Somewhere between Cocking and Bignor Hill we run in to a huge flock of cows coming down a narrow lane.  The farmer redirects us through one of his fields and after a short detour we’re back on the course.  Bignor Hill sees a sit down to replace plasters, they don’t seem to resist sweat very well so probably time to come up with a better idea.  Soon at halfway though and the car park at Kithurst Hill.  The volunteers tell us not to hang around – there’s likely to be plenty enough time lost at Washington in four miles’ time because that’s where the first drop bags are.  I’m somewhere near the back of the field but there’s still vegan cake left omnomnom.  I’ve done half the race in 12 hours which I’m OK with – it leaves 18 hours to do the rest which should be plenty.

On to Washington.  This checkpoint’s in a village hall, full of runners meeting pacers, collecting stuff from drop bags, eating the first hot food of the day and generally getting ready for the second half.  I’ve got a clean shirt and various gels to collect, plus some more flapjacks which for once are not making me feel sick at this point.  It feels like a pretty quick stop and then out through the village onto another hill.

The second half of the race follows that pattern – checkpoint, hill straight after.  Nearly all of the larger climbs are in the second half so I’m expecting it to be difficult.  I work on my motivational speaking – “I ******* **** hills, they **** ** *** ******* ****.  I **** ******* one, make it ******, make it ******, make it ******, * **** **”.  It isn’t easy talking in asterisks, I can tell you 😊

The route now goes past Chanctonbury Ring.  This sounds like something you need to put ointment on, but it means I’m on the SDW50 route now and I’ve done everything to come at SDW50 last year.  Mental familiarity will be a big help, and the pig farm soon comes into view which means Botolphs aid station isn’t far either.  The second UBM (Urgent Bowel Movement, for those not paying attention at TP100) strikes shortly before the checkpoint, which is awkward as it’s in a small layby.  The first was in some woods earlier on with lots of space away from the trail.  However the route after Botolphs carries on up an exposed hill which is in full view of everyone at the checkpoint, and nobody needs to see that.  Fortunately there’s a secluded hedge just before.  I expect a small part of it to be slightly taller than the rest next time I run past.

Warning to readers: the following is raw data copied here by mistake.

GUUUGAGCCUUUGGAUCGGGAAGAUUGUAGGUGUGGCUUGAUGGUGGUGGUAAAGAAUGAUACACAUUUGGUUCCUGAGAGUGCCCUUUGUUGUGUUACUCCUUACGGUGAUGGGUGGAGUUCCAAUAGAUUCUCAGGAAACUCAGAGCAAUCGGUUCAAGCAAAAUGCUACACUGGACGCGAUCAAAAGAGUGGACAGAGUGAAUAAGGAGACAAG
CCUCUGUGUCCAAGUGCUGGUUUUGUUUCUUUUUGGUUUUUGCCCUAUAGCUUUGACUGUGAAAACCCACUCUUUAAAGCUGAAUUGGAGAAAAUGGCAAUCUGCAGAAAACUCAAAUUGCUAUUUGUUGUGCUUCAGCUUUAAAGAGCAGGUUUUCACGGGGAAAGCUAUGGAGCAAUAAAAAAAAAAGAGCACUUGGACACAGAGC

The sun sets in the next section, so a quick stop to put on the headtorch and then through Devil’s Dyke.  I pass someone who says she hates this bit, but it doesn’t take long to get through and then we’re at Saddlescombe Farm.  It’s another busy checkpoint with a lot of people sitting down and other trying to eat / cope with stomach problems.  The sweep bus is there too and the runners on it look totally done in.  I push on into the dark, and a very mild night.  I’ve got three layers on and seriously contemplate taking my jacket off because it’s so warm.  Wasn’t expecting that at all.

Housedean Farm comes up at about 76 miles, like Saddlescombe Farm the aid station is a big concrete shed with an open front.  My second drop bag is here and I decide against a change to more cushioned shoes, I’m not having any problems with the shoes I have on.  I do have problems standing up after retrieving extra gels and flapjacks from my bag though, it’s definitely a bit hurty.  I’m feeling a bit sub-optimal but a bit of food rectifies that.  Not before I try to go the wrong way out of the aid station though 😊